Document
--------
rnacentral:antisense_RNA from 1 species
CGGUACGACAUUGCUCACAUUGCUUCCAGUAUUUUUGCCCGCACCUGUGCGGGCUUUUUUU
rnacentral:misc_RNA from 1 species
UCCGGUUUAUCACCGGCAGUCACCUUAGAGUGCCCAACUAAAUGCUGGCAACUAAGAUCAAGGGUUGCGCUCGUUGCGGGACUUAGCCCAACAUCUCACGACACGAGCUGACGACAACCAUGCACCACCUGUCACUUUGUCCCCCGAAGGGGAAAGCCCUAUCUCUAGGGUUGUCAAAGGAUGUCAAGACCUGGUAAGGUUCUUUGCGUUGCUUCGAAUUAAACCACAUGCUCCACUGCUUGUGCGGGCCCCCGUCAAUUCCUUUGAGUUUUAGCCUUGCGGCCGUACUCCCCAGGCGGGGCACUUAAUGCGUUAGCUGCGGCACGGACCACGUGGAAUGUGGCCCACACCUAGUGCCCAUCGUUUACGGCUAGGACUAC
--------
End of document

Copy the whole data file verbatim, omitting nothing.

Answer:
rnacentral:antisense_RNA from 1 species
CGGUACGACAUUGCUCACAUUGCUUCCAGUAUUUUUGCCCGCACCUGUGCGGGCUUUUUUU
rnacentral:misc_RNA from 1 species
UCCGGUUUAUCACCGGCAGUCACCUUAGAGUGCCCAACUAAAUGCUGGCAACUAAGAUCAAGGGUUGCGCUCGUUGCGGGACUUAGCCCAACAUCUCACGACACGAGCUGACGACAACCAUGCACCACCUGUCACUUUGUCCCCCGAAGGGGAAAGCCCUAUCUCUAGGGUUGUCAAAGGAUGUCAAGACCUGGUAAGGUUCUUUGCGUUGCUUCGAAUUAAACCACAUGCUCCACUGCUUGUGCGGGCCCCCGUCAAUUCCUUUGAGUUUUAGCCUUGCGGCCGUACUCCCCAGGCGGGGCACUUAAUGCGUUAGCUGCGGCACGGACCACGUGGAAUGUGGCCCACACCUAGUGCCCAUCGUUUACGGCUAGGACUAC